Workers Comp Benefits Not Taxable In Most Cases
Are Workers Comp Payments Taxable In Most States? We receive many emails each month from employees and employers on this very subject.
The tax liability of Workers Comp payments seems to ramp up this time of year when the tax filing season begins in earnest. One of our clients had fielded a question from an injured worker on whether or not they would owe taxes on Workers Comp benefits.
With so many new tax laws on the books, I thought I would go to the horse’s mouth, so to speak, and look up the IRS rule on Workers Comp benefits. The previous rules basically had said there is no tax liability for Workers Compensation payments to an injured employee.
For public employees, Publication 963 covers the subject:
Amounts received by police officers, firefighters, and other employees or their survivors for personal injuries or sickness incurred in the course of employment are excludable from income and social security and Medicare taxes if they are paid under a workers’ compensation act or a statute in the nature of a workers’ compensation act.
This exclusion does not apply to retirement plan benefits based on age, length of service, or prior contributions to the plan, even if the individual retired because of an occupational sickness or injury.
Workers’ compensation benefits are fully excluded from gross income and are not subject to employment taxes, income tax withholding or reporting. Amounts received under a statute in the nature of a workers’ compensation act, however, may be subject to employment taxes and reporting.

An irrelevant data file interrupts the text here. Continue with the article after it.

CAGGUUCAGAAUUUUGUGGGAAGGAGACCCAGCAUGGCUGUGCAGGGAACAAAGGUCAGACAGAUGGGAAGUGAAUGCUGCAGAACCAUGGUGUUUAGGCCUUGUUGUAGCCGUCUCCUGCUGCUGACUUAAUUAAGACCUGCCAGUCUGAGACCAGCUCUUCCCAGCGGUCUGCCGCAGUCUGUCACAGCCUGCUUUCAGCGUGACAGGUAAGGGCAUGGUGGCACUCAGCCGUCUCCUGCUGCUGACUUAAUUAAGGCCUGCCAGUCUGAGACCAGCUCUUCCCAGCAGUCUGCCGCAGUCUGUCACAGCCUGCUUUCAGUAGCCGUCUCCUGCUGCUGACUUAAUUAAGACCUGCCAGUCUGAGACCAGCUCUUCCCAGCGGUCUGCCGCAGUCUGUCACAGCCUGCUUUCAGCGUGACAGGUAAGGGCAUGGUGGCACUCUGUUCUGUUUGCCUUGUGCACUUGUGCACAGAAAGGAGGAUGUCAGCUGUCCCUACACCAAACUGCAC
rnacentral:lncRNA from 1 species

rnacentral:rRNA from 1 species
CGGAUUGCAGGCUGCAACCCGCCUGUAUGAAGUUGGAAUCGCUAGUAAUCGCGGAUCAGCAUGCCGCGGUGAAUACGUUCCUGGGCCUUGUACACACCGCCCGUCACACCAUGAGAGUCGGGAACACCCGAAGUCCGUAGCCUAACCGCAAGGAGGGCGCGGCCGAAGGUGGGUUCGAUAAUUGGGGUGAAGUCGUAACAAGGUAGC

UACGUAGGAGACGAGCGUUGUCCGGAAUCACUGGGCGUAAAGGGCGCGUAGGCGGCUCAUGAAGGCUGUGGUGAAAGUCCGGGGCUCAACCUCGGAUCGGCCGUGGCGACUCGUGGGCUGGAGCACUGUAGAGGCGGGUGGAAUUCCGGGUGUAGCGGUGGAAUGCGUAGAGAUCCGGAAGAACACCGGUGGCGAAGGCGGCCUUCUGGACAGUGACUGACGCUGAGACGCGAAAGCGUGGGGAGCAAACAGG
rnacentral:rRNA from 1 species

For non-public employees, Publication 525 spells out the rule:
Amounts you receive as workers’ compensation for an occupational sickness or injury are fully exempt from tax if they are paid under a workers’ compensation act or a statute in the nature of a workers’ compensation act. The exemption also applies to your survivors. The exemption, however, does not apply to retirement plan benefits you receive based on your age, length of service, or prior contributions to the plan, even if you retired because of an occupational sickness or injury.
If part of your workers’ compensation reduces your social security or equivalent railroad retirement benefits received, that part is considered social security (or equivalent railroad retirement) benefits and may be taxable. For a discussion of the taxability of these benefits, see Other Income under Miscellaneous Income, later.
Return to work. If you return to work after qualifying for workers’ compensation, salary payments you receive for performing light duties are taxable as wages.
Disability pension. If your disability pension is paid under a statute that provides benefits only to employees with service-connected disabilities, part of it may be workers’ compensation. That part is exempt from tax. The rest of your pension, based on years of service, is taxable as pension or annuity income. If you die, the part of your survivors’ benefit that is a continuation of the workers’ compensation is exempt from tax.
The bottom line answer is they should not be included – except under certain circumstances.
Please note that this is for Federal Tax purposes. The states have changed the tax implications of receiving WC benefits over the years. Your state could possibly tax your benefits separately from the Federal tax system.
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